Lee Squires has written about some of the fabulous old trees found at Cave Hill Cemetery for GardenSMART in the past. A new Heritage Foundation has been established there to save the trees, some of which have been standing for 160 years, and are now succumbing to old age. The Heritage Foundation pledges, as one of its goals, to preserve the arboretum setting for generations to come. In this article, read about the orange tree that was outlawed on college campuses during the streaking craze! Anne K Moore
FLYING DRAGON HARDY ORANGE TREE Poncirus trifoliata ‘Flying Dragon’
Lee Squires, Superintendent, Secretary/Treasurer- Cave Hill Cemetery
Secretary- Cave Hill Heritage Foundation
Photograph Anne K Moore
Horticulturists and true “plant geeks” are always on the lookout for unusual plants to add to their collections. The ‘Flying Dragon’ fills the bill quite well, and satisfies one’s quest for the weird and unusual.
In the early days of Cave Hill’s tree planting efforts the parent of the “Flying Dragon” cultivar, the Hardy Orange, was planted as a hedge in the triangle between Sections 4 & 7 on the Main Rd. I was quite amazed when I first saw this plant in fruit during September 1974. A closer inspection revealed some 1 ½” wickedly sharp spines (thorns) on slick green stems. After a quick I.D. session, I uncovered its botanical name, Poncirus trifoliata. The hedge was removed after several harsh, icy winters in the late 1970’s.
The Hardy Orange, also known as the Japanese Bitter Orange or Trifoliate Orange, is hardy from Zones 5 – 9, but prefers Kentucky’s Zone 6. It will survive –20°F.
The bright orange fruit is about the size of a ping-pong ball and is very sour. It is sometimes used as a substitute for lemons, but other than that is not edible.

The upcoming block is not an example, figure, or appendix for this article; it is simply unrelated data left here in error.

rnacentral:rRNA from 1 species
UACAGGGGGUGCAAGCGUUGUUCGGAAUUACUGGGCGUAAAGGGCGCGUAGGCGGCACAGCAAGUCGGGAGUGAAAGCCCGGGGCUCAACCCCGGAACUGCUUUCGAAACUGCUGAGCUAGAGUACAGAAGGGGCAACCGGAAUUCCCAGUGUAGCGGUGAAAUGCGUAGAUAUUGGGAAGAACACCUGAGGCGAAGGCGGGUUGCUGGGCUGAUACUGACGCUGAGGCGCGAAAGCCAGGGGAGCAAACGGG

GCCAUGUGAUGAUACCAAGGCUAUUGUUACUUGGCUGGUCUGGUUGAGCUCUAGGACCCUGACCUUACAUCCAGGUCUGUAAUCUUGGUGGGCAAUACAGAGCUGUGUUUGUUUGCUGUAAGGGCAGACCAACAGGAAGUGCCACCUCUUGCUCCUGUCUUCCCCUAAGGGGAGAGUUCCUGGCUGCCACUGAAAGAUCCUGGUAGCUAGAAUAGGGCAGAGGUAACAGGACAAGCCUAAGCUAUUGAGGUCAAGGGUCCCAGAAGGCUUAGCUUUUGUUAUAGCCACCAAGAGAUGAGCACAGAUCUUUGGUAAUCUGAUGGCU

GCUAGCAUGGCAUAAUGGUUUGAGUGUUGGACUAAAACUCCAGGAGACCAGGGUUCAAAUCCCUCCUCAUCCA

A native of China, it was introduced to the U.S. horticultural market in 1850. The vigorous hardy rootstock is used in propagation as grafting understock for its sun kissed cousins in the Sunshine State. The leaves are palmately compound with three leaflets comprising the total leaf, hence, Trifoliate Orange. The flowers are white, measure around 2” across, and have a sweet fragrance.
You can use it in the landscape as a barrier hedge, since no one in their right mind will try to cross it, because of the sharp, nearly lethal spines. You can also use it as a singular specimen to add interest. However, I do not recommend it for usage to families with children because of the spines, and possible eye-poking issues. As a matter of fact, I do believe that it was outlawed on college campuses during the 1970’s because of the streaking craze.
The ‘Flying Dragon’ cultivar arrived on the scene around 20 years ago. Because of its introduction, the common variety is no longer used in landscaping. The spines on the ‘Flying Dragon’ are longer than the original species, and have a vicious curve to them. The branches also have an interesting twisted, almost contorted appearance, creating an unusual form in the garden. It is well-suited as a potential bonsai subject. The curving spines and twisting branches reaching skyward reminded the propagator of a mythical dragon in flight.
Cave Hill’s only specimen resides in the parking lot planting at the Administration Office. You can arrange for tours at the website:
Spring ephemerals are some of the first plants to flower in the early spring long before most trees leaf out. They tend not to like the heat and will quickly disappear if temperatures get above 80 degrees. Spring ephemerals leaf out, bloom, go to seed, spread themselves about and then enter dormancy; they don't really die. All this happens in a two-month period, making them some of the most efficient of the flowering plants. That is what makes these plants so very special.
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